Nvidia 1050: Cheap 1080p/60FPS Graphics?

I’ve been lucky/dorky enough to live a life in the mid-range of graphics cards, so I must confess that what goes on with entry-level boards is a bit mysterious to me. Clearly though, that’s where a whole heap of people need to focus their interests – in many cases purely because of cost, in others because they’re stuck with some nasty off-the-shelf PC that doesn’t have enough space or power supply connectors for a Big Mama card. Nvidia’s next, the GeForce GTX 1050, is for those folk – the idea is it can do most modern games at medium settings in 1080p, at a cost of approx $110/£115.

Haven’t used one myself, so can’t give you first-hand experience: this is just a heads up sorta thing. If you prefer red to green, AMD’s RX 460 is more or less equivalent, with its 2GB version running about a tenner cheaper and the 4GB a tenner dearer than the 1050. On paper the 1050 is a little faster, but in practice YMMV – some games play nicer with GeForces, some with Radeons.

The 1050 also comes in two flavours, the standard and the Nvidia-traditional Ti boosted version. Numbers, if you want ’em: 768 CUDA cores, 4GB of GDDR5 memory and max clockspeed of 1392MHz for the Ti, but 640 CUDA cores, 2GB and 1455MHz for the standard. If you’re thinking about one of these, I’d nudge you towards the £139 Ti, primarily because of the memory. 4GB allows a lot more headroom for decent textures, which are one of those things which can make the difference between a game looking a bit haggard and relatively sharp’n’shiny.

Nvidia are pushing the 1050 towards the esports market, as yer Dotas and LOLs don’t tend to ask too much in terms of hardware requirements. If you’re still toting a four-to-two year old low or even mid-range card, this should be a decent jump for a whole bunch of other stuff too – should get you the magic 60 frames per second at 1080, potentially making the difference between that and dropping down to your monitor’s non-native and therefore sludgy-looking 720p.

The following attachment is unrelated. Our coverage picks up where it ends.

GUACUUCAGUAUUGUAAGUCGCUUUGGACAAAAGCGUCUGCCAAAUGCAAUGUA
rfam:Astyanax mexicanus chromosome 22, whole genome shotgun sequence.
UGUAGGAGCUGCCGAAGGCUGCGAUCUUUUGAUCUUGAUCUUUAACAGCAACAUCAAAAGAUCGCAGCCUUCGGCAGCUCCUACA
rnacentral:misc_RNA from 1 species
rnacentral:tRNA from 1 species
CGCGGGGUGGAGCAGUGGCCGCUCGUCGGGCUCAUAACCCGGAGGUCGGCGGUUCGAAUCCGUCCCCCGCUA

Nvidia claim you’ll get your 60/1080 in big mainstream hits such as Overwatch and GTA V, which perhaps makes it appealing as part of a ‘not too much more than a console’ gaming box.

Possibly the main draw here, though, is that the thing doesn’t require any power connectors and is fairly short – so you should be able to drop it right into a PCI-E slot on even the most basic motherboard, without worrying that you don’t have the cables or the space. Most variants of the 1050 do still take up two slots in your case, however, so check you’ve got the room for that.

People who’ve felt painted into the corner by their old Dell or HP system should be able to avail themselves of this. And folk with low-profile or otherwise teeny cases may want to plump for this to power a TV PC or similar too.

Again though, you should be able to achieve something very similar with AMD’s only slight older RX 460. See which you can turn up cheapest, I reckon.

The first GTX 1050 Ti cards are due on on October 25th, while the GTX 1050 is due “on or before” November 8th.